Vauxhall Insignia

Don’t kill off the city car – they’re too much fun

NOT LONG ago I was lucky enough to be granted an audience with the chap who designed the original Mazda MX-5 – you know, the one with the pop-up headlights. Only, as it turns out, he never actually wanted it to have them because they added weight.

You’d like Tom Matano. He’s a proper petrolhead who hates cars, in his own words, “designed by committees and market researchers”, and has a soft spot for the Mini. He also reckons that ditching rev-happy, twin cam petrol engines for on-trend electric motors won’t do the world’s biggest-selling sports car a jot of harm – but only if the delicate handling isn’t ruined in the process.

Yet the one slightly depressing nugget of motoring wisdom that he shared with me is why all the other carmakers have stopped copying the MX-5’s formula for small, simple, open-top sports cars – it’s because the numbers no longer add up. There is no modern day MGF because it wouldn’t be worth someone making it.

This exactly what we’ve already seen with a couple of other endangered automotive species. The Vauxhall Insignia and Ford Mondeo are just about keeping the family saloon on life support, the Renault Espace-sized MPV has been all but obliterated by its smaller rivals and crossovers, and the small, two-door coupe is dead. The MINI Coupe and the Honda CR-Z offered a glimmer of hope for the latter, but both neither sold brilliantly here, and have long since disappeared from the showrooms.

But now there could be an even more serious casualty – the small city car, and it’s emissions regulations that are to blame. Because they’re worked out on the average CO2 a carmaker’s entire range puts out, it’s much easier and cheaper to lower the amount of nasty gases coming out of a gas-guzzling larger model, and more palatable to convert them into plug-in hybrid of electric-only models. As a result, it’s less profitable to make the smallest models – which is why the Vauxhall Viva, Ford Ka and Peugeot 108 are probably looking a tad worried by now.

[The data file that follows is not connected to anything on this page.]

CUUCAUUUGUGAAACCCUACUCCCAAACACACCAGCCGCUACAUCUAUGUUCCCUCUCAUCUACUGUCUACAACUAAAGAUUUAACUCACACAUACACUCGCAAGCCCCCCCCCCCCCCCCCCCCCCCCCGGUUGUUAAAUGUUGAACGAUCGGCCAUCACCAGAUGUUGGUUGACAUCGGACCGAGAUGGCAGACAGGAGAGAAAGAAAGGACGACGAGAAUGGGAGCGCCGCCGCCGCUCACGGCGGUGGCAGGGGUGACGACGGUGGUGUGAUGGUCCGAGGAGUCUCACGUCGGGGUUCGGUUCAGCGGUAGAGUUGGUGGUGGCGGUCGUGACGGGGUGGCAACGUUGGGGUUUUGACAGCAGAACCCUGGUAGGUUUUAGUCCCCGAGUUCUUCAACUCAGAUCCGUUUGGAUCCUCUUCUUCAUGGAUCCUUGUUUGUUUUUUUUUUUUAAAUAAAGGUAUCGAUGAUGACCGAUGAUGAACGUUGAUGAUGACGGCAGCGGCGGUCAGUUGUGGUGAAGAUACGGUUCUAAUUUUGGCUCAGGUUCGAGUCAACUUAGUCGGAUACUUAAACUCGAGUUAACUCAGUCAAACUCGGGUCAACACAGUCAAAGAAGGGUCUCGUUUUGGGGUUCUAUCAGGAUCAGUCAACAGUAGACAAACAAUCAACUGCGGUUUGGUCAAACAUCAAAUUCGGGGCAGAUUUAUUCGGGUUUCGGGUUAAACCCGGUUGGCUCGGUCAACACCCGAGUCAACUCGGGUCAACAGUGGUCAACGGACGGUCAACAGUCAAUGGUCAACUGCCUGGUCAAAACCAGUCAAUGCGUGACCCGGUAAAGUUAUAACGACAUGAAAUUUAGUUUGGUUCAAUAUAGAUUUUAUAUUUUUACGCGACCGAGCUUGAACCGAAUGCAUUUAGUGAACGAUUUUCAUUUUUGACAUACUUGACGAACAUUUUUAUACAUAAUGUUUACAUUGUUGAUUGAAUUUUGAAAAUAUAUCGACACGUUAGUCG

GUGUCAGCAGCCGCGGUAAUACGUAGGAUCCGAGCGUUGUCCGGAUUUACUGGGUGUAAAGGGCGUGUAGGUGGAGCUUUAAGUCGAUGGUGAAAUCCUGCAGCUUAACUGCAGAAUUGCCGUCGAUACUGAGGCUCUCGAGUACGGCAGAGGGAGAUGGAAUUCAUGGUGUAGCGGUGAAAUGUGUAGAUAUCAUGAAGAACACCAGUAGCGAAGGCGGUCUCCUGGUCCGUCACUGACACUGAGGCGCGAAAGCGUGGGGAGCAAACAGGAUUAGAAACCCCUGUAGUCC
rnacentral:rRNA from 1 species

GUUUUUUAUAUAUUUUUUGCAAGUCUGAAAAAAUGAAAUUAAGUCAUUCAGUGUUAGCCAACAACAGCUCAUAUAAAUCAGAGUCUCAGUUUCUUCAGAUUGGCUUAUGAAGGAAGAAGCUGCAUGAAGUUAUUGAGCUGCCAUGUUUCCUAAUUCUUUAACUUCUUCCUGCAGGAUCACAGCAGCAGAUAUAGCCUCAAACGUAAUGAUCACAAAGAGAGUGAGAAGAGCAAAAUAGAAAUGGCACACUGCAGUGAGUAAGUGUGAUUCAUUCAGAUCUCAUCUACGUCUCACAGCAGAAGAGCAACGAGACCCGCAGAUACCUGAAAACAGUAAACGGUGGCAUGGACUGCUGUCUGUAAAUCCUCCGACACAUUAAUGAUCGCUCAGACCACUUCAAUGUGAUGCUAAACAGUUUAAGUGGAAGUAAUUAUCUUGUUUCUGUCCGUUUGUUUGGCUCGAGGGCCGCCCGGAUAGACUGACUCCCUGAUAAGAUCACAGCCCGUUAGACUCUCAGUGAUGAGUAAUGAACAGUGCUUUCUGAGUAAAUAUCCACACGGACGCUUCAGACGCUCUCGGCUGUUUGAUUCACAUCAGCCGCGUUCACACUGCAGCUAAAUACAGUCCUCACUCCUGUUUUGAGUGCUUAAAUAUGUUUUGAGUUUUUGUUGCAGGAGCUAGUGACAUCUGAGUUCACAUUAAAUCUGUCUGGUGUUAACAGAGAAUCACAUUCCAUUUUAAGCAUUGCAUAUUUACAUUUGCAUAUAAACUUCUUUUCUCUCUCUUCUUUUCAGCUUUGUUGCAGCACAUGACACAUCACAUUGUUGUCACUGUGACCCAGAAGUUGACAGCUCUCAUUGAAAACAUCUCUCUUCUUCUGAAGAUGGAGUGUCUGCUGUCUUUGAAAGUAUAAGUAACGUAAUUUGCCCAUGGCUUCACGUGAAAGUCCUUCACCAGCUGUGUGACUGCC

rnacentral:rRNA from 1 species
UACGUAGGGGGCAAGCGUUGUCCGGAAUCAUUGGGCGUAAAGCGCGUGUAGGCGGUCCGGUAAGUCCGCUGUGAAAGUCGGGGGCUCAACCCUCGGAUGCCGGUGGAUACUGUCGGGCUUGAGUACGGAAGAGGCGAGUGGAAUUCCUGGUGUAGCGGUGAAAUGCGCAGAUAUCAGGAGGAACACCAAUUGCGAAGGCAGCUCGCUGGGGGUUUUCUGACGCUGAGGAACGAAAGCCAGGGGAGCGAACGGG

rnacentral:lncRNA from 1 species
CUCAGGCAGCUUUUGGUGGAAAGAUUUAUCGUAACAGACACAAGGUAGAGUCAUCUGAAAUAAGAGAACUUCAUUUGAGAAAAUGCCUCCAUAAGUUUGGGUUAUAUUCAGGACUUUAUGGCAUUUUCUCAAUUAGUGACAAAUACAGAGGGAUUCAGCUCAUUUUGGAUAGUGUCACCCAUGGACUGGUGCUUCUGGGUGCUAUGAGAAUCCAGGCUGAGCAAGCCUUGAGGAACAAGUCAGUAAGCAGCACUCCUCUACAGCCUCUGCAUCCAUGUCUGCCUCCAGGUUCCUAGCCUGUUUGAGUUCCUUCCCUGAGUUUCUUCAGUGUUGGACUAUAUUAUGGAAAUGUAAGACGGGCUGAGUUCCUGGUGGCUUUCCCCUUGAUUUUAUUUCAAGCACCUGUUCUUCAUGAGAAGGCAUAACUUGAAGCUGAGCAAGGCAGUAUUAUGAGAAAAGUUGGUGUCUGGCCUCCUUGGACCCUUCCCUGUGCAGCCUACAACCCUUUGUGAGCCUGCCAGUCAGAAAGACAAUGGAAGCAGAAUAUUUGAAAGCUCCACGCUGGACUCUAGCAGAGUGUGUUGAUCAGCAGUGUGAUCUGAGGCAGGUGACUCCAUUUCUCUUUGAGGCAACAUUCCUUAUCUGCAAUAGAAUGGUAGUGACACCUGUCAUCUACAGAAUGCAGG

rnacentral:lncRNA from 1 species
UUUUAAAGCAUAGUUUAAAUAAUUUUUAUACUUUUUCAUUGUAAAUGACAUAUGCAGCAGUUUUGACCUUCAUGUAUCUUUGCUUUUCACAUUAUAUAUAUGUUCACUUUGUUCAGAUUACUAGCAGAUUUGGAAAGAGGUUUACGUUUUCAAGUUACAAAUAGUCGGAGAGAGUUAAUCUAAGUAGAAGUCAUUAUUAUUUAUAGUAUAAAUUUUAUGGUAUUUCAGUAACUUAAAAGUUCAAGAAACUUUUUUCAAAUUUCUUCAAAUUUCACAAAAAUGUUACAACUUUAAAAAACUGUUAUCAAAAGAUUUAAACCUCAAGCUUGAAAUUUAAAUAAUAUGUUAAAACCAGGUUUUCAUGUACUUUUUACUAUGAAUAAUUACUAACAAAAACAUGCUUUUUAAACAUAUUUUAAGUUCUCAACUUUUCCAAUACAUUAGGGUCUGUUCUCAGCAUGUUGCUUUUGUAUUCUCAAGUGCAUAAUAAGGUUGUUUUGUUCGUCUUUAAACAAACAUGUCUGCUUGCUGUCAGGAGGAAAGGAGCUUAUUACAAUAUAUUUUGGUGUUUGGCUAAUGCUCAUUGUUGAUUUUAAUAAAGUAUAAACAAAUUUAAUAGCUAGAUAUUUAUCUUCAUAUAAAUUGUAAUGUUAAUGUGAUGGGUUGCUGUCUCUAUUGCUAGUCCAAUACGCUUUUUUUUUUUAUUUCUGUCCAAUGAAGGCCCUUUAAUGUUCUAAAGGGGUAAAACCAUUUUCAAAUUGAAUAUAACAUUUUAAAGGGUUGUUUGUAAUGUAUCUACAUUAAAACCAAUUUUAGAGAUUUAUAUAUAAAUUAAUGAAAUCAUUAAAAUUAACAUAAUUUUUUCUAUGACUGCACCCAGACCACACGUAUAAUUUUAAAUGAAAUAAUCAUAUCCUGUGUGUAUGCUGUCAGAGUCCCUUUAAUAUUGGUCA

Which is a real shame, I reckon, because it’s usually a carmaker’s titchiest offerings that are the most involving and least pretentious. Given the choice between a Ferrari 488 Pista and a Citroen C1 and told to go out and spend a wet October morning on any of West Lancashire’s narrow, bumpy roads, I’d pick the tiny French hatchback every time because you can use all of its power and grip, all of the time. It’s the same with the Volkswagen Up, Ford Ka and all of the other small cars in this sort of price bracket – the emphasis is on simple, lightweight tech and small petrol engines, and they’re always somehow more satisfying than their heavy, hybrid hatchback bigger brothers.

As I see it there are only two solutions. Either the EU thinks up a different way of laying out its emissions regulations, or the only carmaker that can be relied upon to come up with brilliant small cars, time and time again, comes up with a tiny hatchback so stunning that everyone feels compelled to copy it. The sort of ground-breaking car that sticks its fingers up at the management committees and market researchers, and gets a thumbs up from Tom Matano instead.

I sincerely hope someone at Fiat reads The Champion